c1955 Lambretta 125LD Scooter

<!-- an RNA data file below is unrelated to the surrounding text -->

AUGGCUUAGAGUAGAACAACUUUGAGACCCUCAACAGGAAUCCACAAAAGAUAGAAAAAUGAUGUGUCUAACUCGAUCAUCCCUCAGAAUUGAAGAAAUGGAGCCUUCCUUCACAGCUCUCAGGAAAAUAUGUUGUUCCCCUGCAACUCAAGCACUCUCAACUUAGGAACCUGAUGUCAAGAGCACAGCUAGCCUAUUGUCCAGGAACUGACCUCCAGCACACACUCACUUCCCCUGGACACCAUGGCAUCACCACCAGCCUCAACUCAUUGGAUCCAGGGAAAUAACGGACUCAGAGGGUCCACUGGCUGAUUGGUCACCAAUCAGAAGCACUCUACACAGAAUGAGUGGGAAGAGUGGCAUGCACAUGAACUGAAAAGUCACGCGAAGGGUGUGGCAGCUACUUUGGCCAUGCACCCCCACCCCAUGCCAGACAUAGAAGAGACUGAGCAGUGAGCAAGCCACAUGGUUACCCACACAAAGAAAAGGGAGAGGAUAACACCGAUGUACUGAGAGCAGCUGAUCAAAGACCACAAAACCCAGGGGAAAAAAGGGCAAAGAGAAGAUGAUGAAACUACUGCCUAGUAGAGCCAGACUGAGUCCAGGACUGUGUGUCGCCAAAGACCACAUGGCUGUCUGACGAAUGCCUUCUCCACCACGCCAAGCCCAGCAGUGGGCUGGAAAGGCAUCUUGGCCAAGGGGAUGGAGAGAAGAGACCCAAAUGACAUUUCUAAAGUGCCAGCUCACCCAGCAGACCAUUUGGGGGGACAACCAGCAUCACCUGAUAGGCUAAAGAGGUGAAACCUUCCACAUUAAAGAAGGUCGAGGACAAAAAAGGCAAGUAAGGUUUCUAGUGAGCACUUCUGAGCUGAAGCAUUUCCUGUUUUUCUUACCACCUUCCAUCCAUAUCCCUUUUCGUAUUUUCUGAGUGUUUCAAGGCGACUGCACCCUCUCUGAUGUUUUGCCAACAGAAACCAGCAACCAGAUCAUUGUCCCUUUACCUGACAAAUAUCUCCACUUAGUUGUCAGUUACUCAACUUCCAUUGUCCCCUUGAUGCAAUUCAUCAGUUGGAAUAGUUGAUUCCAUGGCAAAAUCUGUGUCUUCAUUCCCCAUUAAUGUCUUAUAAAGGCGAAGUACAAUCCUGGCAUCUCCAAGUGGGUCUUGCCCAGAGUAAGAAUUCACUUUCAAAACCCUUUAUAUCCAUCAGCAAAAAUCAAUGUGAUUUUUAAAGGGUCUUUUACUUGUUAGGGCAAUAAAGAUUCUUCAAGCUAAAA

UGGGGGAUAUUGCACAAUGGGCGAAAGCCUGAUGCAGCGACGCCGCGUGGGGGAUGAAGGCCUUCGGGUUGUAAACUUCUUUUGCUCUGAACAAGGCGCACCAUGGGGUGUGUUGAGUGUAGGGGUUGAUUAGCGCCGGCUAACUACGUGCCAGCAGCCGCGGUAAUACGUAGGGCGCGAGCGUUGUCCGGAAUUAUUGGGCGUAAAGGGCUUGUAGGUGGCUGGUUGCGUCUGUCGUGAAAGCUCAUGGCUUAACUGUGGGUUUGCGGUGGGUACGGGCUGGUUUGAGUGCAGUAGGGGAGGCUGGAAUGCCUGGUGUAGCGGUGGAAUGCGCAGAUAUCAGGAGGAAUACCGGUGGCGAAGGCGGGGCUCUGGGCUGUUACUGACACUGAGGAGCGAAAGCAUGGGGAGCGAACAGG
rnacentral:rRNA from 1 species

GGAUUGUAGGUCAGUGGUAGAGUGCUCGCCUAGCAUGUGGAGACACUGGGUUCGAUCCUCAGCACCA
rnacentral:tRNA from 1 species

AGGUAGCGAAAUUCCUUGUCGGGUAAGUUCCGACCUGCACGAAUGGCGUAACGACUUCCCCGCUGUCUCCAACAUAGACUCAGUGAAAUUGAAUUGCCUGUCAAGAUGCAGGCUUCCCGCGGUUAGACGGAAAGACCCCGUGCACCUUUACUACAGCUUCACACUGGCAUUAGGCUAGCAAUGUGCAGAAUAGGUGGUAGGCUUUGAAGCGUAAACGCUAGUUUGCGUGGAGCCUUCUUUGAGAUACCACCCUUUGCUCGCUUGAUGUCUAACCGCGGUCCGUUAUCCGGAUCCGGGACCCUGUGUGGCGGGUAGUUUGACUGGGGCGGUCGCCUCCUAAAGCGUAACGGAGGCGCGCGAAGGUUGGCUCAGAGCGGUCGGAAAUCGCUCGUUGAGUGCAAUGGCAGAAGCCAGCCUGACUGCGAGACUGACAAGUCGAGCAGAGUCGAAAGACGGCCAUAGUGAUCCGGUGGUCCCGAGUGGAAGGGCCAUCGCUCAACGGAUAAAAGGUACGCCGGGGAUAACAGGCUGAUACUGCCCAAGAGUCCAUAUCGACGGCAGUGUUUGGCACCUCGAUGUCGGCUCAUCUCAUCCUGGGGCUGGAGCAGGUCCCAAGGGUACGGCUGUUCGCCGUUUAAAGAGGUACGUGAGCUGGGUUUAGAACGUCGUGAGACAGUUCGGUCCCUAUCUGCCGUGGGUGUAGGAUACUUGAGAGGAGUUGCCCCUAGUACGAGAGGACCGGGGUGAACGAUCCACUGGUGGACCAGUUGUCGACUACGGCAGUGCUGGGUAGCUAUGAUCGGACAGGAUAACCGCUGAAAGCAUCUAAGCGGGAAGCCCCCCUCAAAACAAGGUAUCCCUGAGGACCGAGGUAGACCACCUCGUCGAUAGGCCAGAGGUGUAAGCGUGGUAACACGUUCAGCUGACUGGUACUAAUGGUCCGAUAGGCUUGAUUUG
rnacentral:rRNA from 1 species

Born in 1891, Ferdinando Innocenti started out with a steel tubing factory in Rome during 1922 before expanding his business to Milan in 1931, where he established a second factory producing patented metal clamps for scaffolding. By the time war broke out in Europe in 1939 Innocenti had risen to become of Italy’s leading industrialists and his company played a leading role in the war effort, supplying munitions to the Italian armed forces. Following the destruction of much of Italy’s industrial base by Allied bombing, the company switched its focus to producing a small motor scooter for civilian use. With a shortage of materials and few families able to afford a motor car in the immediate post-war period, Innocenti recognized the potential of the scooter as an affordable means of mass transportation – they were cheap to build, to buy and to run. Like its chief rival, the Vespa, Innocenti’s Lambretta scooter was powered by a series of two-stroke engines with capacities ranging from 49cc to 198cc, with either three or four gears. Unlike the Vespa, which used a unibody chassis pressed from sheets of steel, the Lambretta’s mechanicals were housed in a rigid tubular frame and sold in either "open" (with minimal panels and thus looking like an unusual motorcycle) or "closed" (with fully covered mechanicals) versions. Designed by engineer Pier Luigi Torre, the original Lambretta was launched in 1947 with a 125cc engine and the following year an updated ‘B’ version appeared that was both more comfortable and reliable. In 1950 Innocenti introduced a heavily revised model and expanded the range to two, the simple C and the more upmarket LC, complete with front and rear fairings plus a tall windscreen and weather protection. The scooter remained in production for two years before it was replaced with the new 125cc D in November 1951. For many the definitive Lambretta scooter, the D (and enclosed LD) models saw further refinements to the suspension, transmission and brakes (plus the option of an electric start via a 6-volt battery from 1954) and for three years it continued to set new sales records.